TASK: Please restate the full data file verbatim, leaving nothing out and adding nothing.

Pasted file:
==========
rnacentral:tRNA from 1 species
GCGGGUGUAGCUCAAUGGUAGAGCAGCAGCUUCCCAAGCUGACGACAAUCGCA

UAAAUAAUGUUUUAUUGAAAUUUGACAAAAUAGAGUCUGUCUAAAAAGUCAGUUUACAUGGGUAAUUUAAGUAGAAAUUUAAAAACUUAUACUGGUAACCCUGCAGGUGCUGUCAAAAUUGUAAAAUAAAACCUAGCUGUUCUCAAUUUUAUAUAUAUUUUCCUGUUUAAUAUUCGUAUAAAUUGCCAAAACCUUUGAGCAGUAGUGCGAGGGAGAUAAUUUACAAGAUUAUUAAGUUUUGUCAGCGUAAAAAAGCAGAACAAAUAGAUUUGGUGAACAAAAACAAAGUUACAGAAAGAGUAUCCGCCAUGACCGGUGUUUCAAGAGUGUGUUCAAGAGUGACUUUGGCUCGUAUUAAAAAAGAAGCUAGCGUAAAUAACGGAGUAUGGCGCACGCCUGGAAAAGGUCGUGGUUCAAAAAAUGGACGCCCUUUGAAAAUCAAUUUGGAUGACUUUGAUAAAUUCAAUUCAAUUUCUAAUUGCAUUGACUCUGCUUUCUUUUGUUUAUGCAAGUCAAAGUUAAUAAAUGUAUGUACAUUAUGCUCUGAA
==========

rnacentral:tRNA from 1 species
GCGGGUGUAGCUCAAUGGUAGAGCAGCAGCUUCCCAAGCUGACGACAAUCGCA

UAAAUAAUGUUUUAUUGAAAUUUGACAAAAUAGAGUCUGUCUAAAAAGUCAGUUUACAUGGGUAAUUUAAGUAGAAAUUUAAAAACUUAUACUGGUAACCCUGCAGGUGCUGUCAAAAUUGUAAAAUAAAACCUAGCUGUUCUCAAUUUUAUAUAUAUUUUCCUGUUUAAUAUUCGUAUAAAUUGCCAAAACCUUUGAGCAGUAGUGCGAGGGAGAUAAUUUACAAGAUUAUUAAGUUUUGUCAGCGUAAAAAAGCAGAACAAAUAGAUUUGGUGAACAAAAACAAAGUUACAGAAAGAGUAUCCGCCAUGACCGGUGUUUCAAGAGUGUGUUCAAGAGUGACUUUGGCUCGUAUUAAAAAAGAAGCUAGCGUAAAUAACGGAGUAUGGCGCACGCCUGGAAAAGGUCGUGGUUCAAAAAAUGGACGCCCUUUGAAAAUCAAUUUGGAUGACUUUGAUAAAUUCAAUUCAAUUUCUAAUUGCAUUGACUCUGCUUUCUUUUGUUUAUGCAAGUCAAAGUUAAUAAAUGUAUGUACAUUAUGCUCUGAA